by the climate system (and that would lead to climate fluctuations).
Two related items in Nature, 386(6626), Apr. 17, 1997:
"From the Labrador Sea to Global Change," B. Dickson (Ctr. for
Environ., Pakefield Rd., Lowestoft, Suffolk NR33 0HT, UK), 649-650.
Comments how studies like the following are providing an understanding of
the powerful changes that have occurred in the North Atlantic, and how
those changes may relate to global shifts in climate.
"Surprisingly Rapid Spreading of Newly Formed Intermediate Waters
Across the North Atlantic Ocean," A. Sy (Bundesamt für
Seeschiffahrt und Hydrographie, Bernhard-Nocht-Str. 78, D-20359 Hamburg,
Ger.; e-mail: firstname.lastname@example.org), M. Rhein et al., 675-679. Ocean
temperature, salinity and chlorofluorocarbon concentration data show that
water masses formed by deep convection in the Labrador Sea spread three to
four times faster than previously estimated, with associated consequences
for the North Atlantic thermohaline circulation.
Two related items in Nature, 385(6618), Feb. 20, 1997:
"Cool Tropical Punch of the Ice Ages," C. Charles (Scripps
Inst. Oceanog., La Jolla CA 92093; e-mail: email@example.com), 681-683.
Comments on the following article and other recent studies describing
observations of past tropical sea surface temperatures, which imply that
the tropical oceans are dynamically involved in glacial cycles. The nature
of tropical cooling during ice ages bears on the sensitivity of the
climate system to perturbations, including possible future anthropogenic
"Influence of Ocean Heat Transport on the Climate of the
Last Glacial Maximum, R.S. Webb (NOAA-NGDC Paleoclim. Prog., 325 Broadway,
Boulder CO 80303; e-mail: firstname.lastname@example.org), D.H. Rind et al., 695-699.
Climate simulations suggest (among other things) that climate sensitivity
for increased CO2 may be higher than the IPCC "best
"The Impact of Permafrost Thawing on the Carbon Dynamics of Tundra,"
C. Waelbroeck (Ctr. Faibles Radioactiv., Lab. mixte CNRS-CEA, 91198
Gif-sur-Yvette Cedex, France; e-mail: email@example.com), P. Monfray
et al.,Geophys. Res. Lett., 24(3), 229-232, Feb. 1, 1997.
A multi-component model shows that the tundra ecosystem's response to
thawing may be a long-lasting increase in carbon accumulation, following a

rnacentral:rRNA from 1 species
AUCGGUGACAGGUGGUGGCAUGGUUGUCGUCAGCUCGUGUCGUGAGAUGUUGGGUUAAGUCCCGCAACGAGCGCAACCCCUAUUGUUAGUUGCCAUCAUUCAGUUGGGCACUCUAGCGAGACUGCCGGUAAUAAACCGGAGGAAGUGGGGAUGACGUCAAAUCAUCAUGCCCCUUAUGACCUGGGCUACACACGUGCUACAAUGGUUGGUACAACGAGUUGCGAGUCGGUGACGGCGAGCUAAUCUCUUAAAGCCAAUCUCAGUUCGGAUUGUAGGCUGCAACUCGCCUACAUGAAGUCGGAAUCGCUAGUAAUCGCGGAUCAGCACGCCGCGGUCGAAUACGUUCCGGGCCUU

temporary increase in CO2 emissions.
"Polar Snow Cover Changes and Global Warming," H. Ye (Dept.
Geog., Univ. Delaware, Newark DE 19716), J.R. Mather,Intl. J.
Climatol., 17(2), 155-162, Feb. 1997.
Studies doubled CO2 temperature and precipitation
predictions from three GCMs for all land areas poleward of 60 latitude.
Total accumulation increases poleward of 60 latitude, with a major
increase in the Antarctic and a slight decrease in the Northern
"Principles for a Climate Regulation Mechanism during the Late
Phenerozoic Era, Based on Carbon Fixation in Peat-Forming Wetlands,"
L.G. Franzén (Dept. Phys. Geog., Göteborg Univ., S-413 81
Gothenburg, Sweden; e-mail: LARS@gig.gu.se), D. Chen, L.F. Klinger,Ambio,
25(7), 435-442, Nov. 1996.
Models the climate regulating effect of peat bogs, which act as carbon
sinks. With present levels of CO2, the model shows that the
initiation of a new ice age could already have been delayed roughly
700-1000 years. Scenarios with further increases in CO2 show a
much longer delay.
"Water Vapor and Cloud Feedback over the Tropical Oceans: Can We Use
ENSO as a Surrogate for Climate Change?" K.-M. Lau (NASA-Goddard,
Greenbelt MD 20771; e-mail: firstname.lastname@example.org), C.-H. Ho, M.-D.
Chou,Geophys. Res. Lett., 23(21), 2971-2974, Oct. 15,
Global climate model experiments show that regionally based interannual
variability should not be used to infer radiative feedback sensitivity for
climate change, unless proper corrections are made for the effect of large